Inositol in Mental and Eating Disorders
ARBOR CLINICAL NUTRITION UPDATES ©
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This week we consider some new findings regarding the use of inositol as a therapeutic agent in psychiatric conditions.

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NUTRITION RESEARCH REVIEW


Study one: Eating disorders
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Inositol is therapeutic in bulimia nervosa and binge eating, according to researchers in Israel.

Subjects: 24 patients with the above conditions who were NOT suffering from anorexia nervosa.

Method: Randomised, double-blind, placebo-controlled, crossover design with 6 week period on 18 gm/day inositol or placebo.

Results: Half the patients dropped out (8/12 were during the placebo arm) despite the low level of side-effects (some mild abdominal pain, flatulence and soft stools which responded to lowering of the dose of inositol). There were significant effects on two of the parameters measured, whilst two other measures showed changes of marginal or no statistical significance. See Table.

Table: Measures of eating disorder after 6 weeks treatment

Inositol Placebo Signif.
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Visual Analogue Scale 42.5 65.8 p< 0.05
Clinical Global Impression 3.3 4.6 p< 0.05
Eating Disorders Inventory 66.8 79.8 p= 0.06
Eating Attitude Test 32.1 36.3 NS

Reference: International J of Eating Disorders 2001;29:345-348


Study two: panic disorder
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Inositol is just as effective, if not more so, than conventional medication for the management of panic disorders, according to another recent trial from the same research centre in Israel.

Subjects: 20 patients with panic disorder.

Method: Randomised, double-blind, crossover study comparing with one month of inositol (up to 18g/day) with one month of fluvoxamine (up to 150g/day).

Results: The reduction in scores for Hamilton Rating Scale for Anxiety, agoraphobia and Clinical Global Impressions Scale were similar for both treatments. Inositol produced a greater reduction in the number of panic attacks than fluvoxamine (4.0/week c.f. 2.4/week for fluvoxamine (p = 0.049).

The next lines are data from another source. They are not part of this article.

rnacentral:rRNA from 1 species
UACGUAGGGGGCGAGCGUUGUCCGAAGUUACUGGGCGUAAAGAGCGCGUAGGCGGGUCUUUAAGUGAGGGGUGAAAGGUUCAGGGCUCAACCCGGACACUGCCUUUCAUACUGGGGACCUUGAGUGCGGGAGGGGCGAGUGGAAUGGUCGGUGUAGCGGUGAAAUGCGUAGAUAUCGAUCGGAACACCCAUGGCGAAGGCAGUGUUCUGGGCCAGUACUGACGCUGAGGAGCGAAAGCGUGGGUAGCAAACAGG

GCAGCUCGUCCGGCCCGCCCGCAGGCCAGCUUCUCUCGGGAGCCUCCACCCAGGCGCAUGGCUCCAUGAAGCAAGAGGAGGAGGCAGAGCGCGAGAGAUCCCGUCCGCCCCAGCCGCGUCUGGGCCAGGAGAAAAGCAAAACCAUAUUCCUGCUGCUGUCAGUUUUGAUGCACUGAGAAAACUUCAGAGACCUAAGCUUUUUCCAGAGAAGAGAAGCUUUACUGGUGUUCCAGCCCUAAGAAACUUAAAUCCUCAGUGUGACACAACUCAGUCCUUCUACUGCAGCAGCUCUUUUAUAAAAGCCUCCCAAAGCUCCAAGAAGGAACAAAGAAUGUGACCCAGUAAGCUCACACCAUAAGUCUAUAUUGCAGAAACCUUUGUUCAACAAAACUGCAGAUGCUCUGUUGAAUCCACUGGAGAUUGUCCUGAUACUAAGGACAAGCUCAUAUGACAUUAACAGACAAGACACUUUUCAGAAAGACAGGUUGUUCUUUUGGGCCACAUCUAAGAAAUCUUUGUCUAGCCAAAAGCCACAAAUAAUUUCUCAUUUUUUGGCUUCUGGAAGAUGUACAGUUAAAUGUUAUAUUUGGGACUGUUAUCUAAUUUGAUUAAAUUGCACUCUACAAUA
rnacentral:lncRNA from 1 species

Side effects of nausea and tiredness were more common with fluvoxamine than inositol (p = 0.02 and p = 0.01 respectively).

Reference: J Clin Psychopharmacol 2001 Jun;21(3):335-9

Study three: depression
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A non-significant trend towards improved clinical status was seen in 22 out of 24 patients with bipolar depression who completed a randomised, placebo-controlled trial of inositol (12g/day) or placebo for 6 weeks. The patients were continued on their regular medication during this period. The inositol had minimal side-effects, and blood levels of the active regular medication for depression were not changed.

Reference: Bipolar Disord 2000 Mar;2(1):47-55

Comments: Inositol is a sugar alcohol the essentiality of which has been debated. However, it does appear to play an essential role in phospholipids and hence it has a well established role in the maturation of the lungs and production of surfactant in the neonate. A few trials of inositol supplementation in premature infants have found it to be useful in countering respiratory distress syndrome and improving neonatal outcome (ref.1).

Inositol also has a role as a `second messenger', releasing calcium in the process of neuromuscular nerve transmission (ref.2.). Some have speculated that interaction with inositol may be part of the mechanism of action of lithium in bipolar disorders (ref.3).

The suggestion that inositol supplementation may be useful in psychiatric conditions actually has quite a reasonable basis on theoretical grounds, animal studies and some small clinical trials (ref. 4), many of which have been conducted by the Israeli group involved in two of the new studies. The conditions for which it has been most feasibly suggested are depression, panic disorder and obsessive compulsion - disorders which interestingly are also responsive to serotonin selective reuptake inhibitors (ref.4).

The three trials summarised in this issue are thus representative of the current state of our knowledge of inositol in psychiatry. All found results of enough interest to suggest that further studies are warranted, but none can be regarded as conclusive because of their small sample sizes and significant drop-out rates. Some earlier trials have not found significant improvements (ref.5).

Although some have raised the question of its safety when given to patients with diabetes or renal disease (ref.6), none of these trials had other than minor side-effects.


WHAT DOES IT MEAN FOR THE CLINICIAN?

Inositol is an interesting possible nutritional therapy for certain psychiatric disorders, both as alternative and an additive to conventional therapy. At this point the clinical evidence is based on small scale trials only.


References:
1. Cochrane Database Syst Rev 2000;(4):CD000366
2. Clin Exp Pharmacol Physiol 2000 Sep;27(9):734-7
3. Biol Psychiatry 1999 Dec 15;46(12):1634-41
4. J Affect Disord 2001 Jan;62(1-2):113-21
5.Biol Psychiatry 1999 Feb 1;45(3):270-3
6. Bender A. Quasi-vitamins. Definition and examples. Chapter in: Sadler MJ and Strain JJ (eds.). Encyclopedia of Human Nutrition. Academic Press, 1999, p.1682.

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